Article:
Explaining the origin and reison d’etre of You Whores via smirk-worthy anecdotes (it was partly inspired by a Tracey Emin piece who it seems clear Drummond is quite a fan of) and logical reasoning Drummond established the appeal of the project quickly and successfully. However, there was something a little unsatisfying about this casual demystified approach for me, and the blatantness of the way Drummond touted his wares – well composed but totally ordinary posters detailing the site’s purpose and very little else. And some T-shirts, ’10 to you mate. Hmmmm. When he asked what should be done with the bottle of unopened champagne he’d brought along for some reason I resisted the temptation to suggest burning it. Charmingly, if unspectacularly, it was given to the first person in the audience who asked if they could have it. This seemed to go against the general theme of ‘whoring’ but I will forgive him for this, and the site, which can only grow in size and popularity in the coming months.

In this month’s Four Four Two…

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In this month’s Four Four Two (a good read tho not enough coverage given to Euro 2004 review I thought – then again I guess we don’t need yet more pages and pages devoted to THAT disallowed goal) magazine Jurgen Klinsmann re-affirms his status as TNT (Thoroughly Nice Teuton) of the highest order in an earnest if only mildly revealing interview (I particularly enjoyed the anecdote about Sheringham convincing JK to dive to celebrate his first goal for Spurs). But it was his comments regarding the alarming decline of German international footballing ability that got me thinking…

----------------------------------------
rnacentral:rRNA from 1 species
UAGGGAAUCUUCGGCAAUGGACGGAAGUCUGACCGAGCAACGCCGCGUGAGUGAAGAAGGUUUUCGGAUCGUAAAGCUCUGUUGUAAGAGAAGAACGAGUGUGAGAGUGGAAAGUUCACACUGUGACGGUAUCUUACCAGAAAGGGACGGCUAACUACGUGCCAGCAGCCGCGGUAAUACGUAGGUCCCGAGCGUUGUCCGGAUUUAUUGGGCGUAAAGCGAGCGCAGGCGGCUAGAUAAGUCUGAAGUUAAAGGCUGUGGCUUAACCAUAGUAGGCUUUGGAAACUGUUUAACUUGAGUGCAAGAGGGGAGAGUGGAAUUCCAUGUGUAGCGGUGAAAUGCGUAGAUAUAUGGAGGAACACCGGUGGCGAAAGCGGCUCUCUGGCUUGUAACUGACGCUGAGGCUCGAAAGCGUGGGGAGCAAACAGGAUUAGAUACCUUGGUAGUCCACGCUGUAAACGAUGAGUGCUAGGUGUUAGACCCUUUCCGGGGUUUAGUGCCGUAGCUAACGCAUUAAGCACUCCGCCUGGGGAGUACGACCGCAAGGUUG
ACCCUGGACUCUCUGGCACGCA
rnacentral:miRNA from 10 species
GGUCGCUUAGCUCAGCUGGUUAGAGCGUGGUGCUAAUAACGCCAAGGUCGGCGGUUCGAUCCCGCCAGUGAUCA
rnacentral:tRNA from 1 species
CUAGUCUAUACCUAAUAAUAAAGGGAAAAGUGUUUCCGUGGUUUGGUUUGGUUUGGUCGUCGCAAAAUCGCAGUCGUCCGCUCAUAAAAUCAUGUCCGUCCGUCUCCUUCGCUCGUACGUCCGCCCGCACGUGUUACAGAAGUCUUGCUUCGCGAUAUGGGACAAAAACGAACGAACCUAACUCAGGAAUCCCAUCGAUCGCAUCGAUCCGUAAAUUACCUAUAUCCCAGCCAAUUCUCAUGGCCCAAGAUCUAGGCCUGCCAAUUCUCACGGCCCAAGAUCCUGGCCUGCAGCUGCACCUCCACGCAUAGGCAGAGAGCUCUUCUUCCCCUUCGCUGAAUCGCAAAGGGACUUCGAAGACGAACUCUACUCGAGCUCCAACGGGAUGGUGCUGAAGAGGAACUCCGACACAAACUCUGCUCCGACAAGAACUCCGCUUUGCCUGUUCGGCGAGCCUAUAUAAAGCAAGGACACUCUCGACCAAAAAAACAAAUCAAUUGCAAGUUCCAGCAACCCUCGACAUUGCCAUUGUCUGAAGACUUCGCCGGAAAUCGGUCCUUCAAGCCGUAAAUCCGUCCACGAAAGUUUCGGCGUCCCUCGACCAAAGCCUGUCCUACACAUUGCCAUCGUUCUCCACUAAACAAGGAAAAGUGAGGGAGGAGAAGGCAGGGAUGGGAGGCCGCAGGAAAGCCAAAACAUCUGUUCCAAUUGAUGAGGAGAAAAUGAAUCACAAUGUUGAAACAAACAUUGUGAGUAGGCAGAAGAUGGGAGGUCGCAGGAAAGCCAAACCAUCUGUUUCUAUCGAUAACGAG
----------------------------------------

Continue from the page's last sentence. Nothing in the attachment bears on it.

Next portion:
While Italy, Spain and France all provided their own puzzling questions regarding their poor performances (unlike England who played well enough but ooh that cursed luck of the draw again eh? hem hem), it’s generally recognised that Germany have sunk the lowest. What convinced me that England may be inching closer to winning SOMETHING ANYTHING (apart from the unexpected Lampard equaliser, showing a dogged tenacity that I thought went encouragingly beyond Lineker’s strike in Turin 14 years prior) is the fact that their failure in Portugal seemed to come down to a tactical stubborn-ness (though some of you may prefer to call it a naivety, understandably) in defending marginal leads against a) the defending champions in their opening game and b) the host nation in the interim make-or-break/no more room for error stage of the tournament. Against ANY other teams they may just have managed it, as Germany did two years before in South Korea (It is oh-so-convenient to ignore this because although it was deserved, it was always very difficult to believe we were watching a genuinely excellent team (perhaps the same is thought of Greece by some though their recent victory was just as deserved if not more so). Erikkson recognised that the way to win was to mimic the Germans whilst hopefully using England’s natural strengths to provide that extra punch. Perhaps it didn’t work because Sven himself is not German – a schoolboy error wrt to executing his masterplan? Or perhaps it did just come down to who the opposition were and what was at stake in both cases.